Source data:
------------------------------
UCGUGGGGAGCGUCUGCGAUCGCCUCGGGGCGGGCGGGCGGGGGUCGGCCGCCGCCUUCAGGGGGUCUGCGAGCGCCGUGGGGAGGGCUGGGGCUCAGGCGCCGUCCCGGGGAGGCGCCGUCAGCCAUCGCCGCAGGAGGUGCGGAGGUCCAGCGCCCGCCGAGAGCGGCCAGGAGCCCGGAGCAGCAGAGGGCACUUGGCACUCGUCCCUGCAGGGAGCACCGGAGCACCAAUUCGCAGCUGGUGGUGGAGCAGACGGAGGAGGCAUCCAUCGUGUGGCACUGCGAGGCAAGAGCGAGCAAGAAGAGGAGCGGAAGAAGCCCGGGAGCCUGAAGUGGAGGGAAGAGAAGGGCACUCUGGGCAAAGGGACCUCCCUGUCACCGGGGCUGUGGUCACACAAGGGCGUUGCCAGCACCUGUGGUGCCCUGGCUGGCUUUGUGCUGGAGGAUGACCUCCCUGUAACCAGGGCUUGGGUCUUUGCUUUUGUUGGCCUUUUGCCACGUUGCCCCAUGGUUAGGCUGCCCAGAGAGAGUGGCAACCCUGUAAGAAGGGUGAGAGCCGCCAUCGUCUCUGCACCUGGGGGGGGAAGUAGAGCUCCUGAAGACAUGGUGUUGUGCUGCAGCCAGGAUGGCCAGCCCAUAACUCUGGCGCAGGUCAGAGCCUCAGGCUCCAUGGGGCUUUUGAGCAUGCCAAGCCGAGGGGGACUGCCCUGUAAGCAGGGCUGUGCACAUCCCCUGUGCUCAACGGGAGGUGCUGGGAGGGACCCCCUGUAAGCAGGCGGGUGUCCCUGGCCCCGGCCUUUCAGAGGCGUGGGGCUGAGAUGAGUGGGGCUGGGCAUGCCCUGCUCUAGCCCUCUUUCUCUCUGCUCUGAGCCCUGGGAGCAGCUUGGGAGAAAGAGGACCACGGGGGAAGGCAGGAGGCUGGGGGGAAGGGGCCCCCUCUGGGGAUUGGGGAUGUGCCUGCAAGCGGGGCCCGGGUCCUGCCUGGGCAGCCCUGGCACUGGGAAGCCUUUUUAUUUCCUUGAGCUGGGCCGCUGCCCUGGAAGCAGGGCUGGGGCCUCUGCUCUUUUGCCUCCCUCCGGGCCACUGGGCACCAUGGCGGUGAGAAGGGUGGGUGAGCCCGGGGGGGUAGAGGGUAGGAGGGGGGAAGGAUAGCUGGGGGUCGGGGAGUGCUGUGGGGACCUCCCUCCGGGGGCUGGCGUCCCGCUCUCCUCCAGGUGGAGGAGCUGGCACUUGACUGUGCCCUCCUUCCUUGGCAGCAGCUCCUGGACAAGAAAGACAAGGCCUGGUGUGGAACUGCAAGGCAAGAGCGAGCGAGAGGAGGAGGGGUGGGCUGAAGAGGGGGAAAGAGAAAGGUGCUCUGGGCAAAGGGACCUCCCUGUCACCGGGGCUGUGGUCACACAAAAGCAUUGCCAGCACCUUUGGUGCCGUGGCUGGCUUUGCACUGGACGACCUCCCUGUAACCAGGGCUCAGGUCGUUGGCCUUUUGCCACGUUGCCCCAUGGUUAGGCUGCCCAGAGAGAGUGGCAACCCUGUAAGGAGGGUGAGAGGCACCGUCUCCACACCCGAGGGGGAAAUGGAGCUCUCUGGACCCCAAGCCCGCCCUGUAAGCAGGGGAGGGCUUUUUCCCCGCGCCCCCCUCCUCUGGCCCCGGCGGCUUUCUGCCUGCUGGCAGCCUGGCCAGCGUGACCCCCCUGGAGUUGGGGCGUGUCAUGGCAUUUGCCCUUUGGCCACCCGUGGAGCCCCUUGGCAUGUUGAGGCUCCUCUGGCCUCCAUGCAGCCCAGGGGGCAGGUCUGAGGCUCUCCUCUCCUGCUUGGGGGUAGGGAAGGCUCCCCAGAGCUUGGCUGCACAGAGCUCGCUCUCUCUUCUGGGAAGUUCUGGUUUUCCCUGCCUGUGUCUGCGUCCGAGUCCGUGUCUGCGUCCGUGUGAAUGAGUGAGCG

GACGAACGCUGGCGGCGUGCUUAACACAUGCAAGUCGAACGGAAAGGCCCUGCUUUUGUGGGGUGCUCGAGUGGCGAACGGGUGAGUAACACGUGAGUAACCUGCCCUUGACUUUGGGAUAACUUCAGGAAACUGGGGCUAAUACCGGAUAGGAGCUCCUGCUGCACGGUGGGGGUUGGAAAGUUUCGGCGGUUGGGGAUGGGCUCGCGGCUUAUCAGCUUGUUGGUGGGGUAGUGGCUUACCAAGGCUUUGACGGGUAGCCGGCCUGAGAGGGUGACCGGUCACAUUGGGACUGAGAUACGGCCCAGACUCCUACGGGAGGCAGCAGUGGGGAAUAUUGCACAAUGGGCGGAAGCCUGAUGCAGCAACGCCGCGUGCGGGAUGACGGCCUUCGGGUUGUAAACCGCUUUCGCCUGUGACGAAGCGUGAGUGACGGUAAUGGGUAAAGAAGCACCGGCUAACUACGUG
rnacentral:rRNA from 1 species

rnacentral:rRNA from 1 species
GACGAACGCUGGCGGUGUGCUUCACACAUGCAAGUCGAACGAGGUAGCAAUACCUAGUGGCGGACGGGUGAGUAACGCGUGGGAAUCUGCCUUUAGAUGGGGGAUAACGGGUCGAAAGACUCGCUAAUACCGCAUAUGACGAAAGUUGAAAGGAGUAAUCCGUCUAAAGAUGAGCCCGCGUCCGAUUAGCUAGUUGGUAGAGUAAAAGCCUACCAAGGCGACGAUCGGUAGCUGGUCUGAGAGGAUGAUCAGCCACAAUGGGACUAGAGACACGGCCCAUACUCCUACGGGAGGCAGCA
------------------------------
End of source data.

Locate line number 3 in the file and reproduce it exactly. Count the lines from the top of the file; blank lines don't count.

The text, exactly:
rnacentral:rRNA from 1 species